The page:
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      False Negative RT-PCR and False Positive Antibody Tests ——Concern and Solutions in the Diagnosis of COVID-19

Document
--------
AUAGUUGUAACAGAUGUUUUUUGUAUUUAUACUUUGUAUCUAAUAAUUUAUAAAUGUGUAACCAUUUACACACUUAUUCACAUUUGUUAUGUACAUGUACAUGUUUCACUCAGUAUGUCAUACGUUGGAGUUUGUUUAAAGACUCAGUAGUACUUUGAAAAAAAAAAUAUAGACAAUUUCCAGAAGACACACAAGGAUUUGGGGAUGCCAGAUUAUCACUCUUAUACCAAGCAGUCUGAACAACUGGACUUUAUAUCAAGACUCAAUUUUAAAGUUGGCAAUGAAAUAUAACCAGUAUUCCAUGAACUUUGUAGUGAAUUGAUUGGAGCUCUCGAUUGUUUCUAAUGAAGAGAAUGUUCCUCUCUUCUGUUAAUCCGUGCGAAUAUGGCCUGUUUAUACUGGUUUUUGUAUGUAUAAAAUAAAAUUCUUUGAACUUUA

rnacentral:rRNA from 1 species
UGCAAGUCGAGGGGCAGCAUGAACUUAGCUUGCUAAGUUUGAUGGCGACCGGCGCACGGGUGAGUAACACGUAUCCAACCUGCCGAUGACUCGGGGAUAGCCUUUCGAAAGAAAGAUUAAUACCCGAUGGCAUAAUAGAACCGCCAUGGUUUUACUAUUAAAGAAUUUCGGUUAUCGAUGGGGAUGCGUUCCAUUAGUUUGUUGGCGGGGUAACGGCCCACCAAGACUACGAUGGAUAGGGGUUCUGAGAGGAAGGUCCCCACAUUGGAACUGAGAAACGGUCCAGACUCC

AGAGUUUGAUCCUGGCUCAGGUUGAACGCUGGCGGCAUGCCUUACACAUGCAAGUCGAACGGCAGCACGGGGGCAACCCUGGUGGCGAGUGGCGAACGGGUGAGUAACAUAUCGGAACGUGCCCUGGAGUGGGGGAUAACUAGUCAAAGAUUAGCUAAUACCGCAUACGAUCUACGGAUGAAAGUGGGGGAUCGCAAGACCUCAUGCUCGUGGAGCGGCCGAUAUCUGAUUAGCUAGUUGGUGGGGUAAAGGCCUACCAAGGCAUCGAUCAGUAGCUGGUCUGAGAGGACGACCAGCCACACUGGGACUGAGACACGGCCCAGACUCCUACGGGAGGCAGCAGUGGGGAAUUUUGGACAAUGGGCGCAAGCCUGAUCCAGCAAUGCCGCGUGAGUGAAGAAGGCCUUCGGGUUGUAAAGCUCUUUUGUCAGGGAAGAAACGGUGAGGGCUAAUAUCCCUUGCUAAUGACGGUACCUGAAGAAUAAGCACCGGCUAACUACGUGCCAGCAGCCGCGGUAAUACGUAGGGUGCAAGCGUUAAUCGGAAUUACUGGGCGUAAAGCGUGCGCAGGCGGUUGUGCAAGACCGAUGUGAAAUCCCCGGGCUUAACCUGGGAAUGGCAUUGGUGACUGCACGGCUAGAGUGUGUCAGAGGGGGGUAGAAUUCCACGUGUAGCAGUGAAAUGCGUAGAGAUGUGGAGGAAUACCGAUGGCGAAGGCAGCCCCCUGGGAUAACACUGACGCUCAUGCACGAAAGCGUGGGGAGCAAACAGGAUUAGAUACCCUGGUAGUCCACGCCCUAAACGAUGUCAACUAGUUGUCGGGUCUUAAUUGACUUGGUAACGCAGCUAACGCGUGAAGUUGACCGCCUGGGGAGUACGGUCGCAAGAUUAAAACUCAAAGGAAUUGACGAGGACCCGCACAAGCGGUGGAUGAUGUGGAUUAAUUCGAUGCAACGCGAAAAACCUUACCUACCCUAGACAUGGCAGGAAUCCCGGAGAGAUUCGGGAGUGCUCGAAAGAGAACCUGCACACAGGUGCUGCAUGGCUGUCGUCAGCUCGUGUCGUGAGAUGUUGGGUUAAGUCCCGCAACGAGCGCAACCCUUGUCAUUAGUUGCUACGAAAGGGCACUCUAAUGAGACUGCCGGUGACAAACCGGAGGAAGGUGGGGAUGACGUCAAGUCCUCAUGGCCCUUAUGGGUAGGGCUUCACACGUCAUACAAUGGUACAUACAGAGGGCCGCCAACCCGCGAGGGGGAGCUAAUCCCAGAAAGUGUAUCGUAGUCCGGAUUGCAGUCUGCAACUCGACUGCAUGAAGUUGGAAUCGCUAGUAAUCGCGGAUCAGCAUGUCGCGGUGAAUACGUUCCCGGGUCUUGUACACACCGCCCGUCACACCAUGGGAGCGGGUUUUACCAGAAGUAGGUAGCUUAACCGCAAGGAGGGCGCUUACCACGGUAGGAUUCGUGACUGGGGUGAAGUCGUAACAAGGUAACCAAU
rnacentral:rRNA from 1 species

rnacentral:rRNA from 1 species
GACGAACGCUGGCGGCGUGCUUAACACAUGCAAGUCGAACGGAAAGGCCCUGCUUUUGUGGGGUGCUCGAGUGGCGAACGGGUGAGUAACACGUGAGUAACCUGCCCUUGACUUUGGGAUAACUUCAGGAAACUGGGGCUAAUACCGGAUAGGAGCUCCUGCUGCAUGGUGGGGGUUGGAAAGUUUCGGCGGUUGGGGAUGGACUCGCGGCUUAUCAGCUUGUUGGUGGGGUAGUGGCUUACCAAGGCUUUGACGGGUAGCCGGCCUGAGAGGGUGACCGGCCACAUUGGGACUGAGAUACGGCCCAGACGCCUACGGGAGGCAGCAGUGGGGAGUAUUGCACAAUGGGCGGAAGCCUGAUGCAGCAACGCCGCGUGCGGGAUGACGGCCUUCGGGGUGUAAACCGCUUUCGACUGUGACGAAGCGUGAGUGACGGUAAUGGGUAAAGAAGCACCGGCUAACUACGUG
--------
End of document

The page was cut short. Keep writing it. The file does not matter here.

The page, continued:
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          Abstract